Another potential avenue of relief would be an increase in $50 million to RAFT funding proposed in the fiscal year 2021 state budget that lawmakers are now hammering out at the State House, she said. On Friday, however, Baker vetoed the proposed language addressing RAFT in the budget, which Sabadosa said shows “a lack of concern for people who could potentially be unhoused in the new year.”

Baker also vetoed language regarding HomeBASE re-housing benefits and emergency assistance family shelters, Sabadosa said, which she also criticized.

“A lot of these unemployment benefits are running out in December, so people are very close to feeling more economic pain if they haven’t been able to get back to work because of COVID or if their work hasn’t reopened …,” Sabadosa said. “There’s just far too many people in this district that fall into that category, who’ve been on benefits in March and are on extended benefits, and then what happens?”

State legislators passed a budget in early December that includes more funding for rental assistance and housing programs, the State House News Service reported, and now it’s on Baker’s desk.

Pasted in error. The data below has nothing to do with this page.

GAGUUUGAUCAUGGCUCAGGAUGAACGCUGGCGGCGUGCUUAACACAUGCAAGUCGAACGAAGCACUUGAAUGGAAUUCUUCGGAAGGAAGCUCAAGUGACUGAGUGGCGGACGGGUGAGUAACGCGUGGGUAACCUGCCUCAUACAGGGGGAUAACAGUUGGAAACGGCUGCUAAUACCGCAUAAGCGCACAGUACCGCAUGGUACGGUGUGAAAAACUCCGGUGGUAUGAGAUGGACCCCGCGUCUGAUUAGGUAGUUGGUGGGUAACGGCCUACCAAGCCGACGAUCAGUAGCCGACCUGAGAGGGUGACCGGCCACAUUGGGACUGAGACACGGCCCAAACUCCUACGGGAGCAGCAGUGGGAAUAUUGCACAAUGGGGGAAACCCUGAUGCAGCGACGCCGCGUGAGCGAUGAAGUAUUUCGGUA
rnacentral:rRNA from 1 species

State Sen. Jo Comerford, D-Northampton, is a co-sponsor of the Senate version of the bill (S.2918) that was filed by State Sen. Patricia Jehlen, D-Somerville. She said she sponsored the bill because she views it as “the next generation” of the moratorium on evictions and foreclosures.

“It deals responsibly both with the needs of tenants and small landlords and property owners and therefore the needs of small banking institutions,” she explained. “It is a comprehensive and, I think, responsible way to deal directly with the housing crisis in the commonwealth.”

She doesn’t think that the state can wait on legislation to solve issues created by the pandemic.

“The governor’s provision is also seeking to help tenants and small landlords, I just believe it is not comprehensive enough to do the job that must get done. There’s a lot of cracks people can fall through that would be very painful … As with policy, there are lots of different paths that this could take. The bill could move as a whole or you could see what we’re seeing now, which is people trying to move the bill through other vehicles like the budget.”

Problem is deeper than pandemic

Douglas Quattrochi, executive director of MassLandlords, a nonprofit trade association with landlords in the state, said he thinks the solutions with providing landlords and tenants with relief should be a Band-Aid to a larger housing crisis problem in the commonwealth.